The Grand Budapest Hotel, directed by Wes Anderson is chock full of Hollywood A-listers in both cameo and substantial roles and with Anderson at the helm, the result is a film so quirky and brilliant that you’ll want to see it more than once. The Grand Budapest Hotel is Anderson’s best film to date, a wry, exceptionally well-structured 5-act Shakespearean dramedy. If you liked any of Anderson’s prior movies, The Life Aquatic with Steve Zissou, The Royal Tenenbaums, or The Darjeeling Limited, to name a few, then The Grand Budapest Hotel will satisfy you in a way that these previous gems just narrowly missed.
First there’s the superb M. Gustave (Ralph Fiennes), impeccably dressed with such dizzying attention to detail that Coco Chanel would be jealous. Gustave runs the GBH, set amid a coniferous-lined mountainside, always gorgeously blanketed with a light dusting of snow, so breathtakingly beautiful it looks like CGI. Anderson used more than one locale for the filming to get just the right feel for the distinguished and sumptuous backdrop to the movie. At the GBH, Gustave not only runs a tight, elegantly appointed ship, he has a cadre of patrons, all older, almost all female, who return to the GBH to partake of the amenities that only M. Gustave can provide. The young Zero Moustafa (Tony Revolori), so called, he says, because after losing his family and home in the war — the movie is sandwiched between the first and second World Wars — he is nothing and has no one. Zero is hired by M. Gustave to maintain a specific role at the hotel, the actual description of which is unclear for while Gustave has a list of “don’ts”, it seems the lobby boy’s biggest “do” is to be Gustave’s personal assistant. Throughout the movie, we see Zero’s allegiance to Gustave unfold and grow in a variety of wry and often hilarious ways.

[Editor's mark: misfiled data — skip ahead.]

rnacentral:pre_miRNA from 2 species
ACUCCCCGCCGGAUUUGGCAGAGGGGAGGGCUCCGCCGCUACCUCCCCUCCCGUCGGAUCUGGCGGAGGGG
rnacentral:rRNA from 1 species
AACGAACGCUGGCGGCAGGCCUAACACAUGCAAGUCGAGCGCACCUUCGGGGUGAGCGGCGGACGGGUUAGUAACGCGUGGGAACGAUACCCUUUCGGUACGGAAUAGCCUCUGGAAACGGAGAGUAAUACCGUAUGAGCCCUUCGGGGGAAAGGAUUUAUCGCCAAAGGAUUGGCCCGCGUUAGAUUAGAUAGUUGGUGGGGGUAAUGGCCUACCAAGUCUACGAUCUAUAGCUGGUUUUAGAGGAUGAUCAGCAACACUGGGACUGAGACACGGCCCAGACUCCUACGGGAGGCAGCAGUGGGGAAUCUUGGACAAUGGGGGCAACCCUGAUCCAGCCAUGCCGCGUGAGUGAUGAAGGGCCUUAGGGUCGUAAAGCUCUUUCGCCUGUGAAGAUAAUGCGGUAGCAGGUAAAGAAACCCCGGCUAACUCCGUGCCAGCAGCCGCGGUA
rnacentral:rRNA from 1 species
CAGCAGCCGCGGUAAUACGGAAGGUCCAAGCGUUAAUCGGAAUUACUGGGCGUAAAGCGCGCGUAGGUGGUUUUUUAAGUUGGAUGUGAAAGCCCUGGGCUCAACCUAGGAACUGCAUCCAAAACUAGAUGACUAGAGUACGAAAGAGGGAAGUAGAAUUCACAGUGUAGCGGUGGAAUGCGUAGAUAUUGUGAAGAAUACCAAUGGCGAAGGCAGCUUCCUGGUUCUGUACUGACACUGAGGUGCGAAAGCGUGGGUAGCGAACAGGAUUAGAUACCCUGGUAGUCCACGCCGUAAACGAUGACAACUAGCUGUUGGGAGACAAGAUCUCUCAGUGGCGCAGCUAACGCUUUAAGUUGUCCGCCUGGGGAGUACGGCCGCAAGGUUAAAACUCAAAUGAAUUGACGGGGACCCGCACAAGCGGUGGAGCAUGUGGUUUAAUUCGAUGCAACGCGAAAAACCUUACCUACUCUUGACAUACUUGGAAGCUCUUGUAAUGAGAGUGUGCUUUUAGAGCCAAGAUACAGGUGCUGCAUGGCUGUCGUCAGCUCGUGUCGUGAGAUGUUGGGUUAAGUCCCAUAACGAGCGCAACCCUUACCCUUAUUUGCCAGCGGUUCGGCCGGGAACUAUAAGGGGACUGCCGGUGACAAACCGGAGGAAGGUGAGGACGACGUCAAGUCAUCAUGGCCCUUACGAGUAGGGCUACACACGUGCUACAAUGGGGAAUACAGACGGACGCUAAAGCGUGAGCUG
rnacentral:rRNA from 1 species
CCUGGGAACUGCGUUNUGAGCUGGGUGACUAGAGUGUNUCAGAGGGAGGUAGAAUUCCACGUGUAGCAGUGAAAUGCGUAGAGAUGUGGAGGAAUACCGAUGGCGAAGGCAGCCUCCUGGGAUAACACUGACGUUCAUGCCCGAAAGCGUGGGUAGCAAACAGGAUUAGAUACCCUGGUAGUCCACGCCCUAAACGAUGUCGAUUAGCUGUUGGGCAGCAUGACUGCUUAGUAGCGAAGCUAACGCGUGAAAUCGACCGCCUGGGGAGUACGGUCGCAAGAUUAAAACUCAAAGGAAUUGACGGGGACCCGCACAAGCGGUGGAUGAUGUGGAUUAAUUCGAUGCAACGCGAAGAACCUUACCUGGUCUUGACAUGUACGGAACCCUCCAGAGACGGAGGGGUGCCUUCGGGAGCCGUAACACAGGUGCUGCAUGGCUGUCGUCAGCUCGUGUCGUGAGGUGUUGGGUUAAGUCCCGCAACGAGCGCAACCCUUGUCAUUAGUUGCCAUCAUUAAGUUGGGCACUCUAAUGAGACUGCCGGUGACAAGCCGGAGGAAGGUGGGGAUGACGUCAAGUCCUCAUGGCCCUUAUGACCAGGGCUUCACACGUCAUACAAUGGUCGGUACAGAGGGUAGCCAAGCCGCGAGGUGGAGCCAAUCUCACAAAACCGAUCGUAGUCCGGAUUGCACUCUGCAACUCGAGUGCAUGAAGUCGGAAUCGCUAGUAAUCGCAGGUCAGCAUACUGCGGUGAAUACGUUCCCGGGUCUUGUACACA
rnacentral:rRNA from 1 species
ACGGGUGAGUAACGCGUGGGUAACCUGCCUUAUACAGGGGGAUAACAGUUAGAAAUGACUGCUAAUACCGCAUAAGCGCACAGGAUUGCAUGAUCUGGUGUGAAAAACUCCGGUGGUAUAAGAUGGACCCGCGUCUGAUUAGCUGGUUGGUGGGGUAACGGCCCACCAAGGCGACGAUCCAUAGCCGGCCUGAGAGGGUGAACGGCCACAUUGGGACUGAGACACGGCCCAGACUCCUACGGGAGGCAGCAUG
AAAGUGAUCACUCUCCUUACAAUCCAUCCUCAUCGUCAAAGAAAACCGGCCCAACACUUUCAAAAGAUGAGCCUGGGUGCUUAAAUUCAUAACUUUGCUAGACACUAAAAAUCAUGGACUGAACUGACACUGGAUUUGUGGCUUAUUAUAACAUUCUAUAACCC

The entire story is told in flashback by the enigmatic owner of the hotel, a much older Zero (F. Murray Abraham), to the Young Writer (Jude Law), who is a patron of the current GBH. With it’s halcyon days behind it, a skeleton crew running it, and very few guests, the GBH is still going, maybe not strong, but going. Abraham invites Law to join him for dinner and over many courses, unravels the beguiling history behind the hotel. After one of Gustave’s favored patrons, Madame D. (a sublime Tilda Swinton) is murdered, Gustave travels to Madame D’s side because, “she needs me,” meaning, he needs to make sure 1) she looks good and 2) to find out whether she left him a little something in her will. At the reading, the lawyer, Deputy Kovacs (Jeff Goldblum) announces to the family that Madame D. has left Gustave the priceless painting, “Boy With Apple” which, according to Gustave, they had admired together many times. Chaos ensues as the heirs, led by Madame D’s son, Dmitri (Adrien Brody) along with his henchman, Jopling (Willem Dafoe), try to reclaim what they believe is rightfully the family’s. The film is full of fabulously quirky observations such as when Gustave views the dead body of Madame D, examines her nail polish and expresses approval for the new color because even in death, style and elegance are paramount.
My favorite line in the movie is Gustave’s, spoken during a moment when he and the Lobby Boy are trying to puzzle out the mystery behind the dilemma Gustave finds himself in:
“The plot thickens, as they say. Why, by the way? Is it a soup metaphor?”
I absolutely will not tell you what mess they are in as the film is all to methodical to spoil, but I will say that I frequently laughed out loud throughout the movie. Anderson’s usual themes of abandonment, trouble with authority, and overarching loyalty in the face of adversity are all present. The cast goes on and on: Harvey Keitel, Ed Norton, Jason Schwartzman, Owen Wilson, Bill Murray, and a host of others makes this film feel like summer camp for A-Listers The Grand Budapest Hotel is not for everyone. My mother thought it was weird, but she’s 80 and subtle, facetious humor is often lost on her. Me, I thought it was brilliant.
Pam Lazos 5.6.14